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WKU recently rolled out a new policy to make campus smoke- and tobacco-free, but a number of students feel the new smoke-free campus policy, which goes into effect Jan. 1, 2020, can’t or won’t be enforced properly, which will lead to no change.

McKenzie Blair, a graphic design major from Rineyville, said, “I think it’s a decent idea with very good intentions, however, I don’t know if it will have much of an impact.

“Students who smoke will continue to smoke,” Blair said. “They’ll just find a different place to do it off campus or hidden somewhere on campus.”

The lack of confidence in the policy’s effectiveness was reinforced by several more student’s opinions.

“I don’t think that this policy will be effective because of the amount of students on campus compared to the amount of people who can enforce it,” Kylie Kidd, a nursing major from La Vergne, Tennessee, said.

She later provided a bleak outlook on the new policy and its potential enforcement.

“I think forcing people to quit smoking/vaping on campus is very unrealistic,” Kidd said in an email. “There are thousands of people on this campus, and many of them smoke/vape. So to try to take that away from them and enforce it seems impossible.”

In solidarity with student’s lack of faith in the policy and the potential enforcement of it, several students expressed their lack of confidence.

“There is no way to stop them,” Catalina Rose, a geology major from Louisville, said. “I think a lot of people are going to be absolutely pissed.”

“WKU wants this policy to be enforced from a positive, compassionate approach,” Susan Pennington from the Health Education and Promotion Department said in an email. “If students see someone using tobacco products, they should “kindly approach them and ask them if they [are] aware of the tobacco policy and ask them to please comply.”

Pennington also compared this policy to the seatbelt law, which is self-enforced, implying that this is how the policy will be handled.

The university’s tobacco-free website provides a brief explanation of how WKU will enforce the policy, describing that the policy’s success will “require positive, compassionate reinforcement. With the passage of time, a tobacco-free campus will become the norm.” It also states that faculty, staff and students “all share responsibility for supporting and communicating expectations for policy compliance.”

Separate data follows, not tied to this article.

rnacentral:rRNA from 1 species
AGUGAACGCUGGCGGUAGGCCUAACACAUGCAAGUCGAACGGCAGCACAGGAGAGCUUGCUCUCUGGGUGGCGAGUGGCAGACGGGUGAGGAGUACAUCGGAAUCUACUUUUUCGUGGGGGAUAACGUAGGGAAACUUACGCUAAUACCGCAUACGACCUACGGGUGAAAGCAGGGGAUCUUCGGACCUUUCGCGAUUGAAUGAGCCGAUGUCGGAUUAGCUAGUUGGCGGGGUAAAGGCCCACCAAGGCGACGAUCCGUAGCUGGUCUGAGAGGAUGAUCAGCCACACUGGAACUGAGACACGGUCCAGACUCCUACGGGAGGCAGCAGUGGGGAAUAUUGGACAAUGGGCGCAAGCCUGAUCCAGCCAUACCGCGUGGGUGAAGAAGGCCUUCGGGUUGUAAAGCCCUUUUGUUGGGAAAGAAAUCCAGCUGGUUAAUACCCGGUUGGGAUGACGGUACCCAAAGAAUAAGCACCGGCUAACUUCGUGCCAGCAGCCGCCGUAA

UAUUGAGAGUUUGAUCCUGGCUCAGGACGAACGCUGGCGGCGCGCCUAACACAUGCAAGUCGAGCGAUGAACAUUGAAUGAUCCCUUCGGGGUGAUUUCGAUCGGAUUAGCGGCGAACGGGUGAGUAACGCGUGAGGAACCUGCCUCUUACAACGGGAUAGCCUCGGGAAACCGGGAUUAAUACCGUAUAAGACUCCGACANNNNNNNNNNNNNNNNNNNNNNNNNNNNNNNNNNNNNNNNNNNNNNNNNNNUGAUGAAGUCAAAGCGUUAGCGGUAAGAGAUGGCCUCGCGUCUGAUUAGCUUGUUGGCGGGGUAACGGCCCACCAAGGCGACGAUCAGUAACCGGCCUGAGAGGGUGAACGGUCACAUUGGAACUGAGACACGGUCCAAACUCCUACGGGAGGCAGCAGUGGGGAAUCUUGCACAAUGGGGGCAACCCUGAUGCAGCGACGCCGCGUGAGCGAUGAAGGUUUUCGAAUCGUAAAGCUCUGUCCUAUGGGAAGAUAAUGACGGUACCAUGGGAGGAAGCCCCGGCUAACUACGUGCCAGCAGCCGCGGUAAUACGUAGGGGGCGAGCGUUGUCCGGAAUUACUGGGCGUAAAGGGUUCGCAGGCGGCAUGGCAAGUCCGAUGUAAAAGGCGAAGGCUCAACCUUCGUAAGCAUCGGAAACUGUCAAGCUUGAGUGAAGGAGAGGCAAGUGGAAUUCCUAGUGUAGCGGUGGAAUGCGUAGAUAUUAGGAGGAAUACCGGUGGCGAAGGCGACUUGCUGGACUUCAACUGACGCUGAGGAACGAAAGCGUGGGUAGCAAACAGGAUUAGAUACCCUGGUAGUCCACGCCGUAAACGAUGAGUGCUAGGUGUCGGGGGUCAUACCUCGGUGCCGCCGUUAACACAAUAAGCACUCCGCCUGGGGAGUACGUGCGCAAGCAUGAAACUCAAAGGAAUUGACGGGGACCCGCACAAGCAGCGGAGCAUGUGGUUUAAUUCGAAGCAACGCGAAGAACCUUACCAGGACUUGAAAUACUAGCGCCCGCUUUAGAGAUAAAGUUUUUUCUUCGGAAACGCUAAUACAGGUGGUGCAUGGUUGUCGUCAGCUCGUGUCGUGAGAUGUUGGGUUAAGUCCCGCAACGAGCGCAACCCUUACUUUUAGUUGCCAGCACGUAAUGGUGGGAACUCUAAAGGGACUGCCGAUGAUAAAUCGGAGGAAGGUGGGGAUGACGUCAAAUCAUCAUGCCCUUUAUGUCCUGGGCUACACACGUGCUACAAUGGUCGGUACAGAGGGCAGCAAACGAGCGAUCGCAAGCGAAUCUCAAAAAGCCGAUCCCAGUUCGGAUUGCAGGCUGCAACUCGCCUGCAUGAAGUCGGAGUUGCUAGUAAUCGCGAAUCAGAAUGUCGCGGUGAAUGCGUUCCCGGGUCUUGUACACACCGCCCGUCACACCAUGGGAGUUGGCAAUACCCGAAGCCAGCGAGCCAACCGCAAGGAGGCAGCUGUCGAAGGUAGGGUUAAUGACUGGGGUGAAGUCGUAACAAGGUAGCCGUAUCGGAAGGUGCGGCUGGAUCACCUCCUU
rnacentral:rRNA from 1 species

The website explains that students cannot use tobacco or related products on any part of the WKU campus or property including the parking garages or in personal vehicles.

“We hope that friendly reminders will be enough in most cases for people to cease, but there is the option for enforcing as a policy violation,” Bob Skipper, director of media relations, said in an email.

It also seems unlikely that students will be given any kind of smoking areas to either alleviate the newness of the policy or to keep that portion of the student population from being completely unsatisfied.

The website explains that “designated smoking areas are not consistent with the purpose of this policy,” and doing so would put limitations on creating a healthy environment. “Creating smoking areas sends a message that tobacco use is acceptable,” the website states.

Some students were also concerned about the addiction aspect of trying to enforce a policy that bans very addictive products.

“Addiction is tricky, and just banning it won’t take care of that problem right away,” Blair said.

In response to questions regarding the addiction aspect of this new initiative, Skipper said, “with the proper motivation and assistance, addiction can be overcome.” Skipper also said that WKU will “point smokers to the resources available to help them overcome their smoking/vaping addiction.”

Skipper and Pennington both included the university’s website in their very similar, seemingly rehearsed responses.

The WKU website states, “WKU has resources in place for those of the campus community who want to stop using tobacco and related products and will continue to expand cessation programs.”

It also provides a link to the university’s tobacco-free website.

On this website, the resources available to students include online resource and app links, such as Freedom from Smoking Online Program, Kill the Can, Tobacco Free, QuitGuide and quitSTART.

It is still unclear how WKU is actually planning to enforce this new policy.

Opinion columnist Emily Davis can be reached at emily.davis261@topper.wku.edu.